Barriers to HIV testing in guatemala: A qualitative study

Lars Margolis, Narda Medina, Blanca Samayoa, Kimberly Gon, Brian Hagan, Kevin McKenna, Karla Alonzo, Eduardo Arathoon, Matthew R. Anderson

Research output: Contribution to journalArticle

Abstract

Background: Early detection and treatment decreases HIV transmission rates and leads to risk reduction in those who are diagnosed. HIV-infected Guatemalans typically present with late-stage disease. Objective: We employed qualitative methods to explore barriers to HIV testing in Guatemala. Methods: In depth, qualitative interviews were conducted in an HIV testing and treatment facility in Guatemala City. These were analyzed using the methods of Grounded Theory. Results: Four major barriers impeded HIV testing in our subjects: psychological factors, stigma/discrimination, gender roles/machismo, and systemic barriers to care. Many of our patients’ fears were grounded in a reality of discrimination, while the systemic problems of the healthcare system reflected misunderstandings and fears on the part of healthcare workers. Discussion: Our findings are consonant with the international literature. Our narrative suggested potential interventions; presenting HIV testing as a way to “save one’s life” instead of an “automatic death sentence” might foster HIV testing and earlier diagnosis.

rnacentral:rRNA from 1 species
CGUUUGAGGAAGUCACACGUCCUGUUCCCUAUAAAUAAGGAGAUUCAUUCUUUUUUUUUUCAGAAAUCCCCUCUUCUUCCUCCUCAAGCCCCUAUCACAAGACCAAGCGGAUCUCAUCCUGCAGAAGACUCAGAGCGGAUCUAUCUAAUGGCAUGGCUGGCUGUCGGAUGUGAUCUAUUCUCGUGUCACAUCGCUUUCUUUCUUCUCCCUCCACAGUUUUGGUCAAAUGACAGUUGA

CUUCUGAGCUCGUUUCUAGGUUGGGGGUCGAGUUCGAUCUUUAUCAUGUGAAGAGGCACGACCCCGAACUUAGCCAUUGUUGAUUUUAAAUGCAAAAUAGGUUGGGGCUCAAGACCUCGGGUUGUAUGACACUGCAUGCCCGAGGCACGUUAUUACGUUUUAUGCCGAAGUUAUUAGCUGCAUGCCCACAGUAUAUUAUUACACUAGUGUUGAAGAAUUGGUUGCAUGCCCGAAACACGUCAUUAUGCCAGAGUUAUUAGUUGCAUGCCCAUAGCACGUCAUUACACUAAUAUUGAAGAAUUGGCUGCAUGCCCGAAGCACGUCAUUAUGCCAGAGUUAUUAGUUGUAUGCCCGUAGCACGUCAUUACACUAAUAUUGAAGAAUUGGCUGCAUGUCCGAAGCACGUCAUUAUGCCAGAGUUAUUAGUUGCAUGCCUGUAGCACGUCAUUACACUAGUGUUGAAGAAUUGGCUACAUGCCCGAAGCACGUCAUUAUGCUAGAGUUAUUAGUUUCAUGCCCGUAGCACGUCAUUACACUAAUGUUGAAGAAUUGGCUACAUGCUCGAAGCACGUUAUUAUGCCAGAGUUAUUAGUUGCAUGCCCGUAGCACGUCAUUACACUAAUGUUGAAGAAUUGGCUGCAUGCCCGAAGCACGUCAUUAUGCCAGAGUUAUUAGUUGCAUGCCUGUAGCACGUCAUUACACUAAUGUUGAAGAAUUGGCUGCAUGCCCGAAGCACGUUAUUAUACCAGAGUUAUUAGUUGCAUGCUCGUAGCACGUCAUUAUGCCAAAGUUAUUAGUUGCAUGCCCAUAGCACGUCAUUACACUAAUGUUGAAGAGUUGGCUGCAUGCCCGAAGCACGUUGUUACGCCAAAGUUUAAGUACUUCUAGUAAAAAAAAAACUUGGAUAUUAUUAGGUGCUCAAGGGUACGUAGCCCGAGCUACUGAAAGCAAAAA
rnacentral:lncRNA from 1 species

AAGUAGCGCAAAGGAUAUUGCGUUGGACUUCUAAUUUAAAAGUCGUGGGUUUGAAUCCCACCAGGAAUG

Original languageEnglish (US)
Pages (from-to)23-29
Number of pages7
JournalSocial Medicine
Volume11
Issue number1
Publication statusPublished - 2017

    Fingerprint

ASJC Scopus subject areas

  • Health(social science)
  • Public Health, Environmental and Occupational Health

Cite this

Margolis, L., Medina, N., Samayoa, B., Gon, K., Hagan, B., McKenna, K., ... Anderson, M. R. (2017). Barriers to HIV testing in guatemala: A qualitative study. Social Medicine, 11(1), 23-29.